Sec. 5. Nothing in this act contained shall be construed as attempting or intending to affect in any way the boundaries, government, rights, powers, duties, obligations, limitations or disabilities of any county, or officer thereof, as fixed by the constitution, or otherwise.

Sec. 6. Section one of this act shall take effect on the first day of January, in the year eighteen hundred and ninety-eight; sections two, three, four and five of this act shall take effect immediately.

June 9, 1896

Governor Morton appointed the following as men members of the Greater New York commission: Seth Low, Benjamin F. Tracy, John F. Dillon, Controller Ashbel P. Fitch, Stewart L. Woodford, Silas B. Dutcher, William C. Dewitt, George M. Pinney, jr.; Harrison S. Moore.

The following are those named by the act: Andrew H. Green, State Engineer Campbell W. Adams, Attorney General Theodore E. Hancock, Mayor William L. STrong of New York, Mayor Frederick W. Wurster of Brooklyn, Mayor Patrick Jerome Gleason of Long island City. Mr. Fitch resigned from the commission and Thomas F. Gilroy was appointed in his place.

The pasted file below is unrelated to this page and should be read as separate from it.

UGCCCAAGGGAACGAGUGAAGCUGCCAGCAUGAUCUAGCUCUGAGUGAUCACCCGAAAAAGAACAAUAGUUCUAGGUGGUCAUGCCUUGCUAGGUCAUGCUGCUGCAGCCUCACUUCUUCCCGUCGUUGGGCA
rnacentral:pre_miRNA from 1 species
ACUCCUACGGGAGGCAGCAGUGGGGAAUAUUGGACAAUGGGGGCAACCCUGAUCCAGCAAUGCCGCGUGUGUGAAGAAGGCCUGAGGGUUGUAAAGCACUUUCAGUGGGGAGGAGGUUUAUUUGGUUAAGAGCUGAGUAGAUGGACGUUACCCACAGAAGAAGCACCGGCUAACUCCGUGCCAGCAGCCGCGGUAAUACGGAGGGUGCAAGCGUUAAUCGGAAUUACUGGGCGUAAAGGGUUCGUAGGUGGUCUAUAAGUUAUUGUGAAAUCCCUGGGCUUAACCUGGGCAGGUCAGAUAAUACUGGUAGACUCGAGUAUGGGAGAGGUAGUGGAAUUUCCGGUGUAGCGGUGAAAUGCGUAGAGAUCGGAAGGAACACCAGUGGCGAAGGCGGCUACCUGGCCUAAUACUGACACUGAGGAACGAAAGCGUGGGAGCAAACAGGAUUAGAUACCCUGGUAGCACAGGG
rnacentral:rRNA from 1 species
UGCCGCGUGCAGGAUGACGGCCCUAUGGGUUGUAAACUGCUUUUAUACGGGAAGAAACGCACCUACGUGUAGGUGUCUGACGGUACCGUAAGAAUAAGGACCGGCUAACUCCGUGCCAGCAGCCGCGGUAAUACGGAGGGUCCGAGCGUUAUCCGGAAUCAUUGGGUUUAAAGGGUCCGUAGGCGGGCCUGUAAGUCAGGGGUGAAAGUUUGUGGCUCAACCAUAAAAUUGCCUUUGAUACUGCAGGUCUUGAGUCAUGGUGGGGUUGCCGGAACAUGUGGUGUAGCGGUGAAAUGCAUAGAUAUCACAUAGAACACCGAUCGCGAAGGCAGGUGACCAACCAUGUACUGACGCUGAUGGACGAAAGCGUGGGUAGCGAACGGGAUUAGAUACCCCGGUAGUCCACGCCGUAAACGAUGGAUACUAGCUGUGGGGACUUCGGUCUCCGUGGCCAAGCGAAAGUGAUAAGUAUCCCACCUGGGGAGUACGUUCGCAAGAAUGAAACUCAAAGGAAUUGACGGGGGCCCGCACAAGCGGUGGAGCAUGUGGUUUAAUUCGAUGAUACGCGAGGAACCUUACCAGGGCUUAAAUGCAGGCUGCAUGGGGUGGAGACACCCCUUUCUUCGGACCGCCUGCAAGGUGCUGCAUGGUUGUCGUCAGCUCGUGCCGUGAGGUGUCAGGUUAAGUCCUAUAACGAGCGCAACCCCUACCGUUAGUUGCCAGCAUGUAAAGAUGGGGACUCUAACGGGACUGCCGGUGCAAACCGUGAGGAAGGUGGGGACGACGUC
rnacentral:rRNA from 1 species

June 13, 1896

New York aldermen invite Brooklyn aldermen to cooperate in work of consolidation.

June 19, 1896

Governor Morton entertains Greater New York Commission at his home at Ellerslie.

June 25, 1896

The commission organized with Benjamin F. Tracy as president.

June 25, 1896

Ex-Mayor Gilroy of New York appointed a member of Greater New York Commission in place of Controller Fitch resigned.

June 25, 1896

Commissioner William C. De Witt introduces a resolution before the commission favoring a charter creating boroughs. His plan was to have three boroughs on this side of the East River, preserving the autonomy of Brooklyn an intrusting to each borough all matters of local concern.

June 27, 1896

Commission rejects Mr. De Witt's plan. Chairman Tracy appoints a committee on charter draft consisting of Messrs. De Witt, Dillon, Green, Low and Gilroy.

July 2, 1896

Corporation Counsel Burr accepts Commissioner De Witt's invitation to co-operate with the charter draft committee.

July 14, 1896